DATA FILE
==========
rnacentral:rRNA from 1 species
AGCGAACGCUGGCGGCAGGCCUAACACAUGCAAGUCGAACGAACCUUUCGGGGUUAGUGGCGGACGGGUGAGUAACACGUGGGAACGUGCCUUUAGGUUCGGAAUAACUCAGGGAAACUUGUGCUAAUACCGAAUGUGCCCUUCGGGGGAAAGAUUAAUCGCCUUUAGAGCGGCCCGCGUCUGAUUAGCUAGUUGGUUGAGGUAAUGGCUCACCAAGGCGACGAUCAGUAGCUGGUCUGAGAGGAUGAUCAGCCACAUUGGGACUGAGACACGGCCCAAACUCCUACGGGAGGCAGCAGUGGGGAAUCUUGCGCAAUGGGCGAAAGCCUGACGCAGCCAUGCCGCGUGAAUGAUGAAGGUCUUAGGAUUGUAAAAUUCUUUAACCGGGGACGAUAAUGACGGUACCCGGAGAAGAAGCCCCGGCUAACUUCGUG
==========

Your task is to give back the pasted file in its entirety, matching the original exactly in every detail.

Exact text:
rnacentral:rRNA from 1 species
AGCGAACGCUGGCGGCAGGCCUAACACAUGCAAGUCGAACGAACCUUUCGGGGUUAGUGGCGGACGGGUGAGUAACACGUGGGAACGUGCCUUUAGGUUCGGAAUAACUCAGGGAAACUUGUGCUAAUACCGAAUGUGCCCUUCGGGGGAAAGAUUAAUCGCCUUUAGAGCGGCCCGCGUCUGAUUAGCUAGUUGGUUGAGGUAAUGGCUCACCAAGGCGACGAUCAGUAGCUGGUCUGAGAGGAUGAUCAGCCACAUUGGGACUGAGACACGGCCCAAACUCCUACGGGAGGCAGCAGUGGGGAAUCUUGCGCAAUGGGCGAAAGCCUGACGCAGCCAUGCCGCGUGAAUGAUGAAGGUCUUAGGAUUGUAAAAUUCUUUAACCGGGGACGAUAAUGACGGUACCCGGAGAAGAAGCCCCGGCUAACUUCGUG